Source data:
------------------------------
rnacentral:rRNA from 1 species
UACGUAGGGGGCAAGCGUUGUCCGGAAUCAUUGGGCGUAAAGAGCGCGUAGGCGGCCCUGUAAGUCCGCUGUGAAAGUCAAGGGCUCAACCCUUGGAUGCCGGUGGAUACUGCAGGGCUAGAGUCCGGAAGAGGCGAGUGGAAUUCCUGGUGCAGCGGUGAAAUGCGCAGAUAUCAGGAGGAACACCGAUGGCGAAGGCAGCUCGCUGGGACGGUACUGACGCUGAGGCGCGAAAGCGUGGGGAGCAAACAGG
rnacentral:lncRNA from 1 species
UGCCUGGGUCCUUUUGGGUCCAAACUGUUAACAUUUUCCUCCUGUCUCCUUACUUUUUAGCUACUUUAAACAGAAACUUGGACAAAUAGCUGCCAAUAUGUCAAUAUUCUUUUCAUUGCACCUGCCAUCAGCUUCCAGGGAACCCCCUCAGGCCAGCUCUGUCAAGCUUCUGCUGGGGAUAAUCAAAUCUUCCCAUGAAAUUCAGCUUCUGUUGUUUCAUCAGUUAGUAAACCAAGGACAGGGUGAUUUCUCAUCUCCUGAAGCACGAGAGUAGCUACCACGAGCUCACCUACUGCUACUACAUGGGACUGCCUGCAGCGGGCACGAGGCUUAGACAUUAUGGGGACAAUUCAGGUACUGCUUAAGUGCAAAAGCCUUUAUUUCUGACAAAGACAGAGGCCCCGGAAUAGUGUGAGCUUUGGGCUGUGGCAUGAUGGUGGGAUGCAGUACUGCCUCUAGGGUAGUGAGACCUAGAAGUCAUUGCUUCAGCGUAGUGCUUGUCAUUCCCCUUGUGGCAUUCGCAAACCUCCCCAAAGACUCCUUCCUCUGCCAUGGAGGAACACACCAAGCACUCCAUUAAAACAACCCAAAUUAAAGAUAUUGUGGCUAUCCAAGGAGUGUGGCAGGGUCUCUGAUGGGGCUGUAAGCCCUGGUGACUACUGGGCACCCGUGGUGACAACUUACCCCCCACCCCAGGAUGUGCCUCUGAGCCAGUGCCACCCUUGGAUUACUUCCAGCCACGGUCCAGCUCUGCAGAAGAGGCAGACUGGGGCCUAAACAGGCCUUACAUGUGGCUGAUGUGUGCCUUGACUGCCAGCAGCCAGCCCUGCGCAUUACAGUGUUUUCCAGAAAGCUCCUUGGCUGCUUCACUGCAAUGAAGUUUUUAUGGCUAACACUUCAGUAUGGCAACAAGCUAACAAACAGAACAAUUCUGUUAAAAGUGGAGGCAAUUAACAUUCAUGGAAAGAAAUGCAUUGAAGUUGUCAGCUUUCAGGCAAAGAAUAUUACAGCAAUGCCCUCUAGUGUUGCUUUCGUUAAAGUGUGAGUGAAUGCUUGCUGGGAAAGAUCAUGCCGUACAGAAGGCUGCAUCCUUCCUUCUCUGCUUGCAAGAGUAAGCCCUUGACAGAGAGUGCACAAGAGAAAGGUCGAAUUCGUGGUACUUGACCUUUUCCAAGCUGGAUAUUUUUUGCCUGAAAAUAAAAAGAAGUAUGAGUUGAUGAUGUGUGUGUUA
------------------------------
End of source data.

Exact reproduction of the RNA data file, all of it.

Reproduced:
rnacentral:rRNA from 1 species
UACGUAGGGGGCAAGCGUUGUCCGGAAUCAUUGGGCGUAAAGAGCGCGUAGGCGGCCCUGUAAGUCCGCUGUGAAAGUCAAGGGCUCAACCCUUGGAUGCCGGUGGAUACUGCAGGGCUAGAGUCCGGAAGAGGCGAGUGGAAUUCCUGGUGCAGCGGUGAAAUGCGCAGAUAUCAGGAGGAACACCGAUGGCGAAGGCAGCUCGCUGGGACGGUACUGACGCUGAGGCGCGAAAGCGUGGGGAGCAAACAGG
rnacentral:lncRNA from 1 species
UGCCUGGGUCCUUUUGGGUCCAAACUGUUAACAUUUUCCUCCUGUCUCCUUACUUUUUAGCUACUUUAAACAGAAACUUGGACAAAUAGCUGCCAAUAUGUCAAUAUUCUUUUCAUUGCACCUGCCAUCAGCUUCCAGGGAACCCCCUCAGGCCAGCUCUGUCAAGCUUCUGCUGGGGAUAAUCAAAUCUUCCCAUGAAAUUCAGCUUCUGUUGUUUCAUCAGUUAGUAAACCAAGGACAGGGUGAUUUCUCAUCUCCUGAAGCACGAGAGUAGCUACCACGAGCUCACCUACUGCUACUACAUGGGACUGCCUGCAGCGGGCACGAGGCUUAGACAUUAUGGGGACAAUUCAGGUACUGCUUAAGUGCAAAAGCCUUUAUUUCUGACAAAGACAGAGGCCCCGGAAUAGUGUGAGCUUUGGGCUGUGGCAUGAUGGUGGGAUGCAGUACUGCCUCUAGGGUAGUGAGACCUAGAAGUCAUUGCUUCAGCGUAGUGCUUGUCAUUCCCCUUGUGGCAUUCGCAAACCUCCCCAAAGACUCCUUCCUCUGCCAUGGAGGAACACACCAAGCACUCCAUUAAAACAACCCAAAUUAAAGAUAUUGUGGCUAUCCAAGGAGUGUGGCAGGGUCUCUGAUGGGGCUGUAAGCCCUGGUGACUACUGGGCACCCGUGGUGACAACUUACCCCCCACCCCAGGAUGUGCCUCUGAGCCAGUGCCACCCUUGGAUUACUUCCAGCCACGGUCCAGCUCUGCAGAAGAGGCAGACUGGGGCCUAAACAGGCCUUACAUGUGGCUGAUGUGUGCCUUGACUGCCAGCAGCCAGCCCUGCGCAUUACAGUGUUUUCCAGAAAGCUCCUUGGCUGCUUCACUGCAAUGAAGUUUUUAUGGCUAACACUUCAGUAUGGCAACAAGCUAACAAACAGAACAAUUCUGUUAAAAGUGGAGGCAAUUAACAUUCAUGGAAAGAAAUGCAUUGAAGUUGUCAGCUUUCAGGCAAAGAAUAUUACAGCAAUGCCCUCUAGUGUUGCUUUCGUUAAAGUGUGAGUGAAUGCUUGCUGGGAAAGAUCAUGCCGUACAGAAGGCUGCAUCCUUCCUUCUCUGCUUGCAAGAGUAAGCCCUUGACAGAGAGUGCACAAGAGAAAGGUCGAAUUCGUGGUACUUGACCUUUUCCAAGCUGGAUAUUUUUUGCCUGAAAAUAAAAAGAAGUAUGAGUUGAUGAUGUGUGUGUUA